- There are too many novels already.
- Writing lacks any sort of merit or mystery because pretty much everyone learns to write in some way.
- It won't make you rich, or even able to live off your writing.
- It won't make you famous, and it would be a ridiculous way to try to get famous when there are so many easier ways.
- Novels are forgotten almost immediately - within a few years of being written.
- It doesn't flatter your ego because you don't watch people enjoying your art (unlike, say, actors) and even if you happen to get good reviews, pretty much nobody else will read them.
- The life of a writer is not an easy one - full of insecurity, isolation and an "ambiguous relationship with reality."
- Writing novels allows you to spend your time in the fictional world which is "the most bearable place to be".
I agree that the novelist "can live in the realm of what might have been and never was, and therefore in the land of what is still possible, of what will always be about to happen, what has not yet been dismissed as having happened already or because everyone knows it will never happen" - but not necessarily that this is superior to the real world or the sole reason to become a novelist. However, I do love his description of this world we create in novels and the article is worth reading just for that. I also love his description of novel-writing as "the rather modest and pleasing art of inventing and telling stories". That's exactly how I would want to put it!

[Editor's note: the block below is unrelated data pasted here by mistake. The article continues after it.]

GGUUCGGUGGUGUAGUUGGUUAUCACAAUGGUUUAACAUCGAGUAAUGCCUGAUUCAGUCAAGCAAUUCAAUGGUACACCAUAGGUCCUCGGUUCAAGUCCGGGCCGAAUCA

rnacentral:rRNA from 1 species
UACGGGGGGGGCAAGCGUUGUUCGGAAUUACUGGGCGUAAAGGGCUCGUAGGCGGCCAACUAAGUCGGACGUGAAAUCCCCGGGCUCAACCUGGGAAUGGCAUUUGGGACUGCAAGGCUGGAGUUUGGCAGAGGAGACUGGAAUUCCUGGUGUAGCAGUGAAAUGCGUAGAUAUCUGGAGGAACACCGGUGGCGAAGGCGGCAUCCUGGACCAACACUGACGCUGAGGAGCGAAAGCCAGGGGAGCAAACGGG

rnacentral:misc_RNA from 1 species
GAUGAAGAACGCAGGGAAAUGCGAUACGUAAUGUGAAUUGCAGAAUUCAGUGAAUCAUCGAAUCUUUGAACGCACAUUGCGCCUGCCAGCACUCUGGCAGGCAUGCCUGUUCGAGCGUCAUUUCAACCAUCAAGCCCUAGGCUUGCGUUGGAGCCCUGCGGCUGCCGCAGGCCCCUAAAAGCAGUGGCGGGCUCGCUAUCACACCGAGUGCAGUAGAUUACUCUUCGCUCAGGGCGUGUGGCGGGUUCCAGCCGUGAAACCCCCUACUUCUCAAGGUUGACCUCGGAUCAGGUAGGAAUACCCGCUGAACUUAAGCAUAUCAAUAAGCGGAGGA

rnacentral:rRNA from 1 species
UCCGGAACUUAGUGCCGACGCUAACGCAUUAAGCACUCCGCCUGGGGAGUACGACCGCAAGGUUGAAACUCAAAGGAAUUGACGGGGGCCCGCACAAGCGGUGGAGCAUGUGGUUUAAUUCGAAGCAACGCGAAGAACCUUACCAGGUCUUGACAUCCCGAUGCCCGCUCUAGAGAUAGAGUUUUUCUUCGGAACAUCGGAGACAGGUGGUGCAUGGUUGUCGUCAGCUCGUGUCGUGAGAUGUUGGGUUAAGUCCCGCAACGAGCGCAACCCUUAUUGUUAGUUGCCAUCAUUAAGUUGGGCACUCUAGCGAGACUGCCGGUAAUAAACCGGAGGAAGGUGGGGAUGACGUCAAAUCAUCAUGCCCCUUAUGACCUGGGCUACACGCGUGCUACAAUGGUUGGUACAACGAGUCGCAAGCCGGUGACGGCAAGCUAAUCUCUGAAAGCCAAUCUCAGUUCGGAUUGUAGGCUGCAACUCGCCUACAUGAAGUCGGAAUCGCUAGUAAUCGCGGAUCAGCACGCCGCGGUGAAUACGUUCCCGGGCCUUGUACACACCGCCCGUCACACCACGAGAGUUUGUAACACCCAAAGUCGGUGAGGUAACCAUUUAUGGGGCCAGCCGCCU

So what do you think the best reasons to write novels are?